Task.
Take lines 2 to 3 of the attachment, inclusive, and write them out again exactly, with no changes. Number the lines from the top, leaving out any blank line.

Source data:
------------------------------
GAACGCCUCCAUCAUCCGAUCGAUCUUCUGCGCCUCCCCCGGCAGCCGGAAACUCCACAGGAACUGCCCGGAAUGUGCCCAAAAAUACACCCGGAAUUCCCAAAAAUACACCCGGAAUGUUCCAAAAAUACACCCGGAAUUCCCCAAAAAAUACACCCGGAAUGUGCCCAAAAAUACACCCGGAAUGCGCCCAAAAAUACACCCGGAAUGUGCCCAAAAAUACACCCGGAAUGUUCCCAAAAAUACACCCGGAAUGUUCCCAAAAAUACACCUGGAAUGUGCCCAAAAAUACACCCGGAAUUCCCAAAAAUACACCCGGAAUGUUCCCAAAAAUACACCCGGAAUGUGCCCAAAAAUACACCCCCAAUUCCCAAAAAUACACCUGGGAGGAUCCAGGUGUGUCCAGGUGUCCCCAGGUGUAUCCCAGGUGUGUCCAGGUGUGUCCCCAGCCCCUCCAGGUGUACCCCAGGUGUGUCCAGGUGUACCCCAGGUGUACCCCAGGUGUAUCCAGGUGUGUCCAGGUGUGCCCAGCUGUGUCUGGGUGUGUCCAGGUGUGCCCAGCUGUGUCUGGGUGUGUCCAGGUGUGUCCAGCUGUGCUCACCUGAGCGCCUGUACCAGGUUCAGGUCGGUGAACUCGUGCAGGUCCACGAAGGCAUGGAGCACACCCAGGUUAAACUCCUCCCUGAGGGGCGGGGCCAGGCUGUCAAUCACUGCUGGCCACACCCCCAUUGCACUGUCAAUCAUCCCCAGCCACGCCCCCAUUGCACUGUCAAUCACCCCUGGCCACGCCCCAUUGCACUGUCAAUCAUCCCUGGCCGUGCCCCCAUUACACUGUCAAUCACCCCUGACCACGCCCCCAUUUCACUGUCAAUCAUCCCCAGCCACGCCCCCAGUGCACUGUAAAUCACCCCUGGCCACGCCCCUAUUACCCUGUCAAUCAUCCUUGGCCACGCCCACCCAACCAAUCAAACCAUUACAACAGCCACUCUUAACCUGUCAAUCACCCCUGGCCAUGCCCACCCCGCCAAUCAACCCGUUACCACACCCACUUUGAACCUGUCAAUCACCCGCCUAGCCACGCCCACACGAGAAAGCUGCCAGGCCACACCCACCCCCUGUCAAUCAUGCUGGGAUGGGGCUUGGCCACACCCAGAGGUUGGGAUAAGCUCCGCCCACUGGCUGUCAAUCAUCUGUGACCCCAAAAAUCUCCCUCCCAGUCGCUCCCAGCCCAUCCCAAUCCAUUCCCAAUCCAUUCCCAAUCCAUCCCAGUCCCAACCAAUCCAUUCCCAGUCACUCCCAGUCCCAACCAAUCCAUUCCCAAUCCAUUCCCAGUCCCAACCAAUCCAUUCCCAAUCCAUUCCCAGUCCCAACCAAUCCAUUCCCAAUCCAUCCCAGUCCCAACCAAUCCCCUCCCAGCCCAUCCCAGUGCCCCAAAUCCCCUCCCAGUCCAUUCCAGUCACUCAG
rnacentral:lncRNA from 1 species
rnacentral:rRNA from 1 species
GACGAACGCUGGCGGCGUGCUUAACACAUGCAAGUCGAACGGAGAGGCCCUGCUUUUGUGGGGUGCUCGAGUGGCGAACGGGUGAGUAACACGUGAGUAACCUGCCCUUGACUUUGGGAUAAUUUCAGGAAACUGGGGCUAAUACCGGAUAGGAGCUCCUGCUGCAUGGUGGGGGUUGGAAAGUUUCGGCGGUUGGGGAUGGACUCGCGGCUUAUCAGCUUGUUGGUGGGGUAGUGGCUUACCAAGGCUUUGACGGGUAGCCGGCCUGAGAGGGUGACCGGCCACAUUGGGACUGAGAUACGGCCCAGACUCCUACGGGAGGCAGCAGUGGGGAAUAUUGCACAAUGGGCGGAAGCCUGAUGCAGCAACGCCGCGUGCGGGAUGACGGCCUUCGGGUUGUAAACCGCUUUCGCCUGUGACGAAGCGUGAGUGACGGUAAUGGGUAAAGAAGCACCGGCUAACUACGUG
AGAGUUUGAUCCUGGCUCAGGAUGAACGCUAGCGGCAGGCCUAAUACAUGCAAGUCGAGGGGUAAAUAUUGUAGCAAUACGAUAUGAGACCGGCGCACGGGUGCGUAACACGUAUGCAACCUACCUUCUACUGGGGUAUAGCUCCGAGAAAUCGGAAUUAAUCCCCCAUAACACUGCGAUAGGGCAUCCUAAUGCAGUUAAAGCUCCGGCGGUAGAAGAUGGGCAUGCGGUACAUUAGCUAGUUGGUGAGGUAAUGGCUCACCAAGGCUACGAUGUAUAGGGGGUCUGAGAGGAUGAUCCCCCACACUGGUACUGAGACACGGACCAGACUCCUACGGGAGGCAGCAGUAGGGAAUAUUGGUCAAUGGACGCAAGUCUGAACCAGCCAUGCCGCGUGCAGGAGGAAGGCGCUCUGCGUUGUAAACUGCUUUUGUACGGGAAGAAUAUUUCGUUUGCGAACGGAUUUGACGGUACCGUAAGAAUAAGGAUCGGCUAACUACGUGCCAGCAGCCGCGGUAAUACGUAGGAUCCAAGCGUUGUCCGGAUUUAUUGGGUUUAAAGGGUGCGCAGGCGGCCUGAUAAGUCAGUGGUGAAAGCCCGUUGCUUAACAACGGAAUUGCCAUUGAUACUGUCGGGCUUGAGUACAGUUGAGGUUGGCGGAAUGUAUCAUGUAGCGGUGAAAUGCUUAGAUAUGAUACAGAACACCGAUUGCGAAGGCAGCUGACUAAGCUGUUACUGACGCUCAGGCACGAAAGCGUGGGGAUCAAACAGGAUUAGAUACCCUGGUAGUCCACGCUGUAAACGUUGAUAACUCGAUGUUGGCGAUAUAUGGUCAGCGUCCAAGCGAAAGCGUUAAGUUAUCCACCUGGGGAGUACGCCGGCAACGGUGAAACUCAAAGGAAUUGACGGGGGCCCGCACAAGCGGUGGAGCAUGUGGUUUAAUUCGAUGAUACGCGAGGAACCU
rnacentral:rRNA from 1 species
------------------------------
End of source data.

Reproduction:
rnacentral:lncRNA from 1 species
rnacentral:rRNA from 1 species